We round up our favourite reviews of Andrea Arnold’s American Honey coming out of Cannes 2016

American Honey screened yesterday for press at Cannes for the very first time. We’ve already taken a look at the best instant responses on Twitter. Now that the critics have had time to write up their reviews, here are a selection of some of our favourites…


Guy Lodge for Variety says:

“Part dreamy millennial picaresque, part distorted tapestry of Americana and part exquisitely illustrated iTunes musical, “Honey” daringly commits only to the loosest of narratives across its luxurious 162-minute running time. Yet it’s constantly, engrossingly active, spinning and sparking and exploding in cycles like a Fourth of July Catherine wheel”

Read the full review


Finn Halligan for Screen Daily says:

American Honey is a vivid polaroid of a point in time, that reckless bridge between stepping out into adult life and fully entering it, a point during which you’re never more alive. Following a quasi-renegade group of poor white kids as they bus around the American heartland selling magazine subscriptions to the gullible, it pulsates with energy, and not just from its rousing soundtrack.”

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 Ryland Aldrich for TwitchFilm says:

Only a few times in a generation does a film speak to youth in a lasting and powerful way. Films like Rebel Without A Cause, Easy Rider, and Kids all tapped into their respective contemporary consciousnesses with the effect of not just capturing the era for preservation, ut also influencing the very generation of portrayal. With astonishing performances, remarkable use of music, and truly deft filmmaking, Andrea Arnold’s American Honey has every potential to be that film for this generation.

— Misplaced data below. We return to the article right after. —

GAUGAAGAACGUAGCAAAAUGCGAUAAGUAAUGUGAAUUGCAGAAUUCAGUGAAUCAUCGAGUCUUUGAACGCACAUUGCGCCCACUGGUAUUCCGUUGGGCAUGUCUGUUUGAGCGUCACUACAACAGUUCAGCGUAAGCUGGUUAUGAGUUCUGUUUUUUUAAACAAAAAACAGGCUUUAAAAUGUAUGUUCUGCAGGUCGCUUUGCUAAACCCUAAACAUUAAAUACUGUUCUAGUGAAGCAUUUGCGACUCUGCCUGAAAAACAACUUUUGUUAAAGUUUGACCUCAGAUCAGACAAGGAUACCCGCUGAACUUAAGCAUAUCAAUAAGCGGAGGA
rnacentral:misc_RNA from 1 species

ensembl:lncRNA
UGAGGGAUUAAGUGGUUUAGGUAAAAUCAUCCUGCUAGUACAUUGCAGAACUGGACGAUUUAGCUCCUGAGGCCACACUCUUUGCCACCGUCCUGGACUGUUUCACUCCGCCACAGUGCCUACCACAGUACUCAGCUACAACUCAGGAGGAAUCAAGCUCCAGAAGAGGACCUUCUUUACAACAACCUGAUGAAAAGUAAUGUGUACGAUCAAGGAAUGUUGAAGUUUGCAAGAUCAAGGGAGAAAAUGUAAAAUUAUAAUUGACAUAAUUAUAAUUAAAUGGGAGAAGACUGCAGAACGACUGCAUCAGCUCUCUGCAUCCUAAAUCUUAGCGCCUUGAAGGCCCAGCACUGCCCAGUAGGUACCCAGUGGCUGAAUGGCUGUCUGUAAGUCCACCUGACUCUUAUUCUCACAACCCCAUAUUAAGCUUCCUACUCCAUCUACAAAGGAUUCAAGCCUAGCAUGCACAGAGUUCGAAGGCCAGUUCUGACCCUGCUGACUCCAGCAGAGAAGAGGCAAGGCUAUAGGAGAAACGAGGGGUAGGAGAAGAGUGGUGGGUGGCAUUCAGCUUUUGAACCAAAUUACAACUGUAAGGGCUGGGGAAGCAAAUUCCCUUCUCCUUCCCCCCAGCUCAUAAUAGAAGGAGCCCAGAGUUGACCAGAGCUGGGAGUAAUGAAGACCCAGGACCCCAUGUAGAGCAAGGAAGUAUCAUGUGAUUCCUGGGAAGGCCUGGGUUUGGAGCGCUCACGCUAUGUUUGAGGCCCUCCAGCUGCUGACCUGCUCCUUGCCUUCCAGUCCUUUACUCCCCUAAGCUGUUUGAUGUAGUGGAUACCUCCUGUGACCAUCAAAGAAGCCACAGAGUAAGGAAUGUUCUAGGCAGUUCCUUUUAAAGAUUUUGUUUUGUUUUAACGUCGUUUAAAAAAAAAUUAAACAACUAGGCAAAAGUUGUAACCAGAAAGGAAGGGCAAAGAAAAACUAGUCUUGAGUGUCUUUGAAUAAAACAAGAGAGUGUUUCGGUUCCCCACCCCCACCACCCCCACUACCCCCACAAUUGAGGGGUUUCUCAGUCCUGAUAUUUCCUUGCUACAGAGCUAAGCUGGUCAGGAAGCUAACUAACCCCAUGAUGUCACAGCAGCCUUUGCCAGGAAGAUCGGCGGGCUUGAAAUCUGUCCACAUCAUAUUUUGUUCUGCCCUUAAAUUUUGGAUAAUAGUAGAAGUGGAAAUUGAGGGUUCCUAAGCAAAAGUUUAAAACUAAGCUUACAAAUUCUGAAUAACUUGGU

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Eric Kohn for Indiewire says:

“With only four movies in 10 years, director Andrea Arnold has developed a rich filmography that other filmmakers spend decades trying to accumulate. [...] While her Wuthering Heights adaptation tried to take her technique to a grander scale, American Honey completes the effort with its sprawling portrait of young outcasts. It’s the closest thing to a magnum opus in Arnold’s blossoming career.”

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Donald Clarke for the Irish Times says:

“What really makes the film sing is its gorgeous, original texture. Our own Robbie Ryan, shooting in Arnold’s preferred narrow Academy ratio, offers dynamic, glowing images that capture each destination with startling concision. Joe Bini, a regular collaborator with Werner Herzog, brings zipped-up energy to the editing. Any five-minute stretch could be extracted to form a worthwhile short film.”

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We’ll be adding more reviews as they come in, so watch this space!